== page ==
UFCU SPONSORED CONTENT — At some point in your life, you will probably borrow money and take on debt—and that’s OK. Some debt, like buying a home, is considered “good debt” because it’s an investment that has the potential to increase in value over time. Whether you have a mortgage, student loan, car loan, or credit card debt, there are proven strategies to manage it all and pay it off.

First, know how much debt is too much debt.

Regardless of the type of debt you have, make sure your debt-to-income (DTI) ratio is considered safe by lenders. The ideal DTI is 30% or less of your monthly income. To figure out your number, total up all the monthly payments you have for loans and credit cards. Divide that number by your monthly income before taxes are taken out. Then, multiply by 100. That’s your DTI ratio. For example, a person with $1,500 total debt payments and a $5,000 monthly income has a DTI of 30%, which is considered a manageable ratio.

Next, determine how much you can pay off each month.

A good method to budget your bills and obligations is the 50-30-20 rule. This rule suggests:

  • 50% of your monthly income should go toward needs, like rent, utilities, groceries, and gasoline.
  • 30% is set aside for wants, like dining out and concert tickets.
  •  20% should go toward debt and savings.

For example, a person with a $5,000 monthly income can comfortably budget $2,500 for needs, $1,500 for wants, and $1,000 for savings and debt payments.

Keep in mind that some debt can overlap with the “needs” category, like a mortgage. When considering how much you can pay, you should always make at least the minimum payment on all debts. If there aren’t enough funds using the 50-30-20 rule, lower the “want” category to less than 30%. Use any additional money in the 20% category to pay down debt or add to your savings.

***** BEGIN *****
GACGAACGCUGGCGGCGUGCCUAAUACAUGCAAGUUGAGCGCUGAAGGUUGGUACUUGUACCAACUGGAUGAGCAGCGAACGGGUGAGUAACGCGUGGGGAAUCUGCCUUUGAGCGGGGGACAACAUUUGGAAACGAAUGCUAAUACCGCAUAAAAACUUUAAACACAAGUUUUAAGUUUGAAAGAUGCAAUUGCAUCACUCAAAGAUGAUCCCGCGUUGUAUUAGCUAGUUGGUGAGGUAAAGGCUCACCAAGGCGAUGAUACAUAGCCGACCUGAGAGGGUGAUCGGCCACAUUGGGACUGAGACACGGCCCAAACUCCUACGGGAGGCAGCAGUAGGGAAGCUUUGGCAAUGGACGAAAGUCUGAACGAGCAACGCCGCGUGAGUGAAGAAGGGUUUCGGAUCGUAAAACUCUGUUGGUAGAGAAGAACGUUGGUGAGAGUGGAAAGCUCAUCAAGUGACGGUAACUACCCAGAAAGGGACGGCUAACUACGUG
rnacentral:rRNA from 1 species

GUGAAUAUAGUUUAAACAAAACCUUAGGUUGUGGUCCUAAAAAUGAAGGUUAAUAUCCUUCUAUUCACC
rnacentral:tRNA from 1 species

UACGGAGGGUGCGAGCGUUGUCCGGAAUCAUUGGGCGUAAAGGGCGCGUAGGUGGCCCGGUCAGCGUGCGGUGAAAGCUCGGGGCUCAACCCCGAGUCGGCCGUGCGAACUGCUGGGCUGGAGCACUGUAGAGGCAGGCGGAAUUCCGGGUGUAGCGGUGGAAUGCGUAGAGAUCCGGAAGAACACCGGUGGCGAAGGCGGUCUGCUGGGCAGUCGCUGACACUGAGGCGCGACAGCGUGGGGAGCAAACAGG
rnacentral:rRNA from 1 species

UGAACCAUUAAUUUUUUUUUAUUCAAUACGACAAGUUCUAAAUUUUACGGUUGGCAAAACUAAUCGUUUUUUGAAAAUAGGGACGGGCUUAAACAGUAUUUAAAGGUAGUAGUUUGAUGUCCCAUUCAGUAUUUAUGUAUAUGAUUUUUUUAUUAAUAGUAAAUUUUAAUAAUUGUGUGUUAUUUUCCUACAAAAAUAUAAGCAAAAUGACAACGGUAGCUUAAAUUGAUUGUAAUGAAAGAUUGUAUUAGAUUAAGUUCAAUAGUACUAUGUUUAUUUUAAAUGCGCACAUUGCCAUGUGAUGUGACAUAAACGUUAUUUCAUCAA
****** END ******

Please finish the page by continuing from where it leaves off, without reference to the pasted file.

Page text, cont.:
Finally, pick your payment method: avalanche or snowball.

The avalanche method is to pay your high-interest-rate debts first. This method reduces the overall interest you will pay.

  • Start by listing your debts from the highest interest rate to the lowest. You can find your interest rate, or APR, on your monthly statement.
  • Pay the minimum amount owed on all of them, and focus any extra money you can spare on the debt with the highest interest rate.
  • As you zero out one debt, focus those funds on the next higher interest rate on your list. Repeat until you’ve taken care of them all.

The snowball method is to start out small to make big gains. This method can be quite motivating.

  • Start by listing your debts by the smallest balance to the largest balance owed.
  • Continue making all the minimum payments, and focus any extra money on paying off the debt with the smallest balance first.
  • After you pay off a loan, move your focus to the next smallest balance, building momentum like a snowball rolling downhill.

When in doubt, talk it out with a financial professional to learn the best available options for your situation.

If you’re looking for additional financial tips and tools to better plan, spend, save, and borrow, check out PlanU by UFCU. You’ll find options that range from talking with a financial health expert to creating a personalized resource center to meet your needs.